Horse & Carriage

12pm – NYC Station

Walking up the concourse stairs and out into the front foyer of the square, I immediately felt different.

“Ah.. good ‘ol Uptown” I said with familiarity, though ironically I had not been here in almost a year. Mel Lastman always had a lasting impression on me, at least form what I could remember. It has been a place that Momma Dukes and I had been to back in the day and I could tell because it looked neatly identical to my recalled vision on it years ago. Walking comfortably in my Jungle Air Max, I headed toward the front door of the Civic Centre in stride, taking a moment to observe the flurry of crowds that surrounded me. My pupils picked up on the flurry of red apparel everywhere. Adults in long t-shirts, children running around the foundation with flags in their hands and colourful red and white banners stretched out across the shallow fountain waters. A whiff of ketchup and mustard mix graced my nose only for a split second before it vanished as I entered the realm of a former city hall. “What happened to all the boroughs?” I thought reminiscently as I followed the signage directing the facilitators of the day toward a small committee room. A small woman with pearly whites greeted me upon entry with her practised smile and spiel.

“Hi! Are you here for the volunteering?”

Nodding my head with the least of effort I proceeded to walk past and enter a room of calm randomness. I could see some people looking down at a paper across the room. Figuring it to be registration, I walked in its direction, only to be stopped by a short gentleman in a cowboy hat enroute.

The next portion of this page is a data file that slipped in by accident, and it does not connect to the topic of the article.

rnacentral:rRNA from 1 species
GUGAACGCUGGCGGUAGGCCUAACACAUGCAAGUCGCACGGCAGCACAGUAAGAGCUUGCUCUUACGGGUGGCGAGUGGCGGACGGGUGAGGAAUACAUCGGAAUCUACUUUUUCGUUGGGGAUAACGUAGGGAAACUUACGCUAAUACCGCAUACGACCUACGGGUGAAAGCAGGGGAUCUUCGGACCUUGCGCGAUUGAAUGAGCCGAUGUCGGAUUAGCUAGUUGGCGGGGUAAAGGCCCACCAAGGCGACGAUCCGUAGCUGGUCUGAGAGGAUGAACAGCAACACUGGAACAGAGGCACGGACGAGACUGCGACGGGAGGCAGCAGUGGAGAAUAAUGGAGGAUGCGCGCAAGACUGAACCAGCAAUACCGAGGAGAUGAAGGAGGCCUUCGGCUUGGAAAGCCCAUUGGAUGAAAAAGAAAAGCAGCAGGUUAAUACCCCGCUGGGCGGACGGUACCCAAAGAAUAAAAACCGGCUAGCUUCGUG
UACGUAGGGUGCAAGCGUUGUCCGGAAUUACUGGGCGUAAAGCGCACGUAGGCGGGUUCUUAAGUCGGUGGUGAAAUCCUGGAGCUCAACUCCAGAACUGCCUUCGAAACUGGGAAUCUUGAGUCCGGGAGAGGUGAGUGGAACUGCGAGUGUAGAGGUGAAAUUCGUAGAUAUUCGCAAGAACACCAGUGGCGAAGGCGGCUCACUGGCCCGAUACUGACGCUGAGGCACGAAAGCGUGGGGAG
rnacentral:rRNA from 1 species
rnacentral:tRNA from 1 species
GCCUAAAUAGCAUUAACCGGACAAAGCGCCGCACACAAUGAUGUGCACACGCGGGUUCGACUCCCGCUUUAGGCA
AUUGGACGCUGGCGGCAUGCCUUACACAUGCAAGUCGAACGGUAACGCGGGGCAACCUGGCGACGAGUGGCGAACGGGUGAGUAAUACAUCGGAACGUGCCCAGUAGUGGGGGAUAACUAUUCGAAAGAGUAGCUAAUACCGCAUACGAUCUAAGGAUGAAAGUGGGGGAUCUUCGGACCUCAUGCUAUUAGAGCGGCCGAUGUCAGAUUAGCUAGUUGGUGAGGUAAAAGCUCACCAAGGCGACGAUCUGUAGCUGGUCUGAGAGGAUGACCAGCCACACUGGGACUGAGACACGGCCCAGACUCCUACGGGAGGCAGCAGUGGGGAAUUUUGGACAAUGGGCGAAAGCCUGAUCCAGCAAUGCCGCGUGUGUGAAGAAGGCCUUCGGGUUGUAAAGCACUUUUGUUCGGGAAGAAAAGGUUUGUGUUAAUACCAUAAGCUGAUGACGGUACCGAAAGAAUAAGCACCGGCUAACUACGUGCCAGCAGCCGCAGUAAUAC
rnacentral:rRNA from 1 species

“So what WOULD you do, young fella?” he asked, beaming his not-so pearly whites and nascar-styled sunglasses my way, Realizing he was referring to my shirt, I swiftly replied,

“I’d let you tell me.”

Taking a moment before answering, he answered with the same smooth tone with which he asked the question.

“I like that answer my friend” and went about his way throughout the already-feeling semi-claustrophobic size meeting room. Now a smile had crept upon my face just as I approached the registration table. I knew I had chosen to wear my ASK ME WHAT I THINK IF I RULED T.O t-shirt for a reason. Better yet, I knew I had made the right decision in attending the event in the first place. Shifting my mind back to the events of the day, I confirmed my attendance on a sheet being overseen by a bold headed gentleman, also short but this brother had a sharp pair of specks on. Looking up from his seat, he handed me a Special Events lanyard but not before his instructional procedure.